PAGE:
The Viper’s size is visually deceiving. It is a much smaller car than most people realize, especially by today’s standards. It’s 3,375lb curb weight, 96.2in wheelbase, 176.7” x 75.7” x 47.0” length x width x height makes it lighter, shorter, (but 4 inches wider) than a MKIV Toyota Supra. While its 150lbs heavier than a C5 and 75lbs heavier than a C7 Corvette, it’s lower, shorter, and 2 inches wider than both. Compared to the brand new 2015 Mustang, the Viper is over 10” shorter, 7” lower, 0.3” wider and 151lbs lighter (than a manual V6) with a 11” shorter wheelbase.
Consider that in the mid 90’s there were very few cars on the road that could match the Viper’s performance at any price. The Gen 2 GTS dominated the mid-late 90’s with a 4.0 second 0-60, 12.2 @ 119 mph ¼ mile, 192mph top speed, 73.6mph slalom and 1.01 average lateral g (MotorTrend, May 1997). The $105,000 Porsche 911 Turbo and $163,000 Turbo S clawed out a few tenths quicker to 60 (3.7 seconds) but lost out through the ¼ mile and on to a comparable top speed. The $225,000 iconic 1987 Porsche 959 likewise had a slightly quicker 0-60 due to its AWD system (3.6 seconds) but barely edged out the Viper with a 12.0 @ 116mph ¼ mile. The cars are almost neck and neck to its 195mph top speed.
The Viper was quicker than a Bugatti EB 110 to 60 and the ¼ mile and was faster than pretty much everything on the road short of a McLaren F1, Ferrari F50, RUF CTR-2, Lamborghini Diablo SV. It also does great burnouts, which is important for Americans.
There are very few objective performance categories that the Viper did not dominate, other than braking where the horrible brake bias (the car took a rear caliper from a Lotus Elise for crying out loud!) which renders the rear tires almost useless in any decelerating effort. Chrysler apparently tried to make the car safer by not letting the rear tires contribute to braking at all which causes the front tires to lock early. Aftermarket rear calipers with larger piston bores greatly reduce the stopping distance and performance of the car. But despite this and complaints of the car being demanding to drive for the inexperienced, the Viper consistently turned record lap times by various magazines, journalists, and professionals. I guess Shelby’s wishes of making the Viper a performing “Driver’s car” were met.
I can’t think of any great sports car that didn’t have a successful racing pedigree, and the Viper certainly has a very decorated racing history. Dodge wanted to showcase the handling abilities of the car as well as to boost its global brand image, and racing is a great method to accomplish both. After teaming up with the French racing Team Oreca (who assisted in the Mazda 787B’s 24 Hours of Le Mans win), the Viper GTS-R was created with chassis built by British engineering firm Reynard. Other than the additions of splitters, a wing and a diffuser, the shape of the Viper’s body and panels were very much retained in the race car.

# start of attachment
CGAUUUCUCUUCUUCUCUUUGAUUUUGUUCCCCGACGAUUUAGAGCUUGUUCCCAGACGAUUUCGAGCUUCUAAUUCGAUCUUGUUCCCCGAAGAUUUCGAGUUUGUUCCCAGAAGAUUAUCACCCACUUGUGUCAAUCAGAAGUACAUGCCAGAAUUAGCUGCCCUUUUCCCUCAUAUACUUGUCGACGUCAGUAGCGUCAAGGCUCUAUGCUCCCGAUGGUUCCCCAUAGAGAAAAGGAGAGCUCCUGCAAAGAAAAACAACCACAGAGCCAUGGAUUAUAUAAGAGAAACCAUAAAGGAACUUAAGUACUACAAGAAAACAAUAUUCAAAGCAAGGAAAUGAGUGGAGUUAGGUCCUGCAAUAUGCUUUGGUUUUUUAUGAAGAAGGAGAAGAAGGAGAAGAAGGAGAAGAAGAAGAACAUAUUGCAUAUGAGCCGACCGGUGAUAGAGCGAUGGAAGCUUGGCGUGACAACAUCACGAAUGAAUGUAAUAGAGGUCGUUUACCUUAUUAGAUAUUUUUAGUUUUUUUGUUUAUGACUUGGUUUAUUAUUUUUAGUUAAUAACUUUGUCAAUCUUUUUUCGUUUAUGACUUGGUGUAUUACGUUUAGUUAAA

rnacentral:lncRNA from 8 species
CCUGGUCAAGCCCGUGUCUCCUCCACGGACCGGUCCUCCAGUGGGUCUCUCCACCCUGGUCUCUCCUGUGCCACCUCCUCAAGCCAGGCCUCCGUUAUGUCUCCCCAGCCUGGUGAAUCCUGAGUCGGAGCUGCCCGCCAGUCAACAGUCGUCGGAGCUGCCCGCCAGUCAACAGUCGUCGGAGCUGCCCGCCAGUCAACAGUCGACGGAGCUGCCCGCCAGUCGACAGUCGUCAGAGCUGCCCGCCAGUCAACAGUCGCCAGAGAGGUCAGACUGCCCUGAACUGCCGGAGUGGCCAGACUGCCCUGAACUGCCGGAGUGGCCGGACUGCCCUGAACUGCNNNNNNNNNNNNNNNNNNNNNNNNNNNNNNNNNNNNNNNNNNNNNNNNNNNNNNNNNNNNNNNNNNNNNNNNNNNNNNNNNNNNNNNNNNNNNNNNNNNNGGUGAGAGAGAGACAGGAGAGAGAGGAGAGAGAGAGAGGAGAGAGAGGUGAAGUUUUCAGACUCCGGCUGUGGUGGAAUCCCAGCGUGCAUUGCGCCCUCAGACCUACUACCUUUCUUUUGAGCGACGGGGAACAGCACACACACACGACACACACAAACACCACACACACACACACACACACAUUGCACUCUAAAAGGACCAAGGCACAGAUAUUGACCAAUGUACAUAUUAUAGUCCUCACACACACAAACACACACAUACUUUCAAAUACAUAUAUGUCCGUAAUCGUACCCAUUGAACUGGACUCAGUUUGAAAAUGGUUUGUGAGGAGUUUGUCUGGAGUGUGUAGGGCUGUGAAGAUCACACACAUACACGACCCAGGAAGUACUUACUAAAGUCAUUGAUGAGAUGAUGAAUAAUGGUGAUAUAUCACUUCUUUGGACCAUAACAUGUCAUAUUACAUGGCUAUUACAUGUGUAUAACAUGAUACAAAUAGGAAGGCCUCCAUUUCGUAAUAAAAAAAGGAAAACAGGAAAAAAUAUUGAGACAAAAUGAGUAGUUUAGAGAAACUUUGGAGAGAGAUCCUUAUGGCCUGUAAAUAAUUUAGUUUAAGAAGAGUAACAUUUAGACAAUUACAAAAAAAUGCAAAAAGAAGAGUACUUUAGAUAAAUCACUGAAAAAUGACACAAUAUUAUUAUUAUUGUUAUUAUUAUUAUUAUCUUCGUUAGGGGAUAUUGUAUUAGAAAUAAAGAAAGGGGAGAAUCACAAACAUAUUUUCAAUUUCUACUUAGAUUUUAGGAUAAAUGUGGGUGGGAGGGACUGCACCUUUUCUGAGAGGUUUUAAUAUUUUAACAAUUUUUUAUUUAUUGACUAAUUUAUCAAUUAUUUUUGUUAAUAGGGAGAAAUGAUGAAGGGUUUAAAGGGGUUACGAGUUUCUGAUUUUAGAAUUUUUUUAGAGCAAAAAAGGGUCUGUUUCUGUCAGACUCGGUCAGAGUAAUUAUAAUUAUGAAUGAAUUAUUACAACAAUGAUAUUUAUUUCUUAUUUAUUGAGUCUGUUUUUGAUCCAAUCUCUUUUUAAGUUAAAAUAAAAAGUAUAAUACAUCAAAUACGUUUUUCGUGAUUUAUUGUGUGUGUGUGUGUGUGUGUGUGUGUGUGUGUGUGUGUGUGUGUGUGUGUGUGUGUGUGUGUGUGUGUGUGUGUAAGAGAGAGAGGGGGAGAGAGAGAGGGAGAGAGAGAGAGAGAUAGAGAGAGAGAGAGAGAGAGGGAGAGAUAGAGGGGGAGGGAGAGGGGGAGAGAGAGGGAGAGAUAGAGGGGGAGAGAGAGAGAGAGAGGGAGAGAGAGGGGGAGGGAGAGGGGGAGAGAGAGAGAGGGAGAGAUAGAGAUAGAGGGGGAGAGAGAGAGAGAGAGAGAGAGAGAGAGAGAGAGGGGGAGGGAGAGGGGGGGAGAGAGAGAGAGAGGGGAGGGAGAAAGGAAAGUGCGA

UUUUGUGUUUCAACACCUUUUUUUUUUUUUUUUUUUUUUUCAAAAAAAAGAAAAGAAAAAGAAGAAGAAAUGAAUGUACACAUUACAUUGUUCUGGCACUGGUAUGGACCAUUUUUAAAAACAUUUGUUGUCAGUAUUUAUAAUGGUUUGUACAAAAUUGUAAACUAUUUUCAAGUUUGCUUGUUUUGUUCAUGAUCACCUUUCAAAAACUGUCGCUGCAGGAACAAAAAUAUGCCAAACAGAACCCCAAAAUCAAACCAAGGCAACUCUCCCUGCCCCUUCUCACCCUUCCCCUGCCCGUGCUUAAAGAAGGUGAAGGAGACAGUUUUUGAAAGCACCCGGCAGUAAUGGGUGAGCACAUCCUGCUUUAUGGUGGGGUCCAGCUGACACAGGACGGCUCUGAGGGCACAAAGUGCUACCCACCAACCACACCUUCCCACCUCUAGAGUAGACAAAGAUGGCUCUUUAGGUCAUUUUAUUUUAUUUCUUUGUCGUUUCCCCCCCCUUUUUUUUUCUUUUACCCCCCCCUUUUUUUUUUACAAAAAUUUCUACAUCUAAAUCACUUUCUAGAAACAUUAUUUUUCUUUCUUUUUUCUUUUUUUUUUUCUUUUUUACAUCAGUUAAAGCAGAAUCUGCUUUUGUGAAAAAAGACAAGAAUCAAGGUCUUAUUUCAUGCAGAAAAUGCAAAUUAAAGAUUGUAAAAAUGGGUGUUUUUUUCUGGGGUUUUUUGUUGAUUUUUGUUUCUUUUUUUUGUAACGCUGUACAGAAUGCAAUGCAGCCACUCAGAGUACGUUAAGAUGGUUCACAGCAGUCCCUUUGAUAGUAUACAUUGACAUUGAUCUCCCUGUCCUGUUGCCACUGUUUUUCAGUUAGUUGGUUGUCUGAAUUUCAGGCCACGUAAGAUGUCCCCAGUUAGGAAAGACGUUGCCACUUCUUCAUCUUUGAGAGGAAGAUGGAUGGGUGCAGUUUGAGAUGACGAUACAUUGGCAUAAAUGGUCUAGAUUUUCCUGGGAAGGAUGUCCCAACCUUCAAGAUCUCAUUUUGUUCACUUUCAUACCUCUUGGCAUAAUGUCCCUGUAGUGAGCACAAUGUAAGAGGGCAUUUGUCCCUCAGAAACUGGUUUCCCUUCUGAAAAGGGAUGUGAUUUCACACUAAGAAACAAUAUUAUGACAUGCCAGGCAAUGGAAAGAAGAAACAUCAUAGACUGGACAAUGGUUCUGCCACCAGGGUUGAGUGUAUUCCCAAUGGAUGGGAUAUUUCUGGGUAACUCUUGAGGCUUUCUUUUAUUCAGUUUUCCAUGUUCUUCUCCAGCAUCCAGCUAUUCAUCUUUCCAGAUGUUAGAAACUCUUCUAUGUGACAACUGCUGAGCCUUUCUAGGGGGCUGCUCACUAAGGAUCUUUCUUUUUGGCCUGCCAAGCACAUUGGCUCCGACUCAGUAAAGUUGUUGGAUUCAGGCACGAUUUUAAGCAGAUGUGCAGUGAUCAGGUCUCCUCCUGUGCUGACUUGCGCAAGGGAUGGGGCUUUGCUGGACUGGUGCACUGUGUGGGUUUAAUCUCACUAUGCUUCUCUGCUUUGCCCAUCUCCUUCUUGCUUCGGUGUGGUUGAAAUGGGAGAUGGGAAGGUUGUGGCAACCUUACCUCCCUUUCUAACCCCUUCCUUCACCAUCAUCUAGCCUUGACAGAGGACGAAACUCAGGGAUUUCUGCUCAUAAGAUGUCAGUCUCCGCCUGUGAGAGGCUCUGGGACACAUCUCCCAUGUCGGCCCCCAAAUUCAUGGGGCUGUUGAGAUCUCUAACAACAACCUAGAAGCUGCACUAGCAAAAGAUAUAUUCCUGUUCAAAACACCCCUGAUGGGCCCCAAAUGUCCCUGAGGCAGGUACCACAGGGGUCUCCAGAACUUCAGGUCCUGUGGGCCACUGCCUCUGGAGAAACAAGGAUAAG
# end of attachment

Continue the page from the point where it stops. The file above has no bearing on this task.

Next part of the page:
The classic livery of Team Oreca’s Viper GTS-R still looks great even today. With 3 straight wins in the 24 Hours of LeMans, wins in the 24 Hours of Daytona and 12 Hours of Sebring, an FIA GT2 Championship, and two ALMS GTS Championships, the Viper and Team Oreca were a racing powerhouse.
After a disappointing 1996 season competing in the GT1 class at LeMans, Daytona, and Sebring, and an equally lackluster 1997 season in GT2, the Viper returned with massive success in 1998 when Oreca had a 1-2 finish in the GT2 class of the 24 Hours of LeMans as well as taking the FIA GT championship after winning all but one race. 1999 was a similar story, taking the top 6 finishing positions in the GTS class for the 24 Hours of LeMans, the ALMS GTS Championship, 1-2 finish in the FIA GT Championship, and claiming the 24 Hours of Nurburgring overall victory. 2000 would see their 3rd class victory in a row at the 24 Hours of LeMans, a 24 Hours of Daytona overall victory, 12 Hours of Sebring 1-3 podium sweep, and 8 more wins for Team Oreca to take the GTS Championship beating out the factory Corvette C5R for the second year in a row. Needless to say the car was successful.
LIVING WITH A VIPER
Okay, so the Viper is a fast car with a rich racing heritage, but what is it like to live with? Since its inception, the Viper was never apologetic about being a raw, ‘bare-bones’ hotrod. After all, the idea was to be as ‘pure’ of a driving car as the Shelby Cobra and it really wasn’t much more practical than one or a 1950’s roadster. It was never intended to be an all-weather daily driver like a 911 Turbo, NSX, or Corvette. The addition of roll-up windows, locking doors, and outer door handles in the Gen 2 (1996 GTS and 1997 RT/10), made the Viper a far more practical car. The Viper was the first production car to be equipped with electronically assisted door handles, which have no mechanical linkages to the door mechanism itself.
With the door open, there is only a small opening to insert your legs into the narrow foot well. Unless your body is small or nimble, this is not a car that you want to be getting in and out of frequently on a daily basis.
Despite having to carefully climb over a scorching hot rocker panel (which houses the exhaust) to prevent burning your calf, the ingress is slightly better than the C4 Corvette of the same era which also has high side sills. With proper technique (and preferably long pants for good measure) by putting a hand on the outer fender and taking one foot at a time, getting into a Viper is much easier than a Lotus Elise, which is still not saying much because the Elise is harder to get into than many race cars.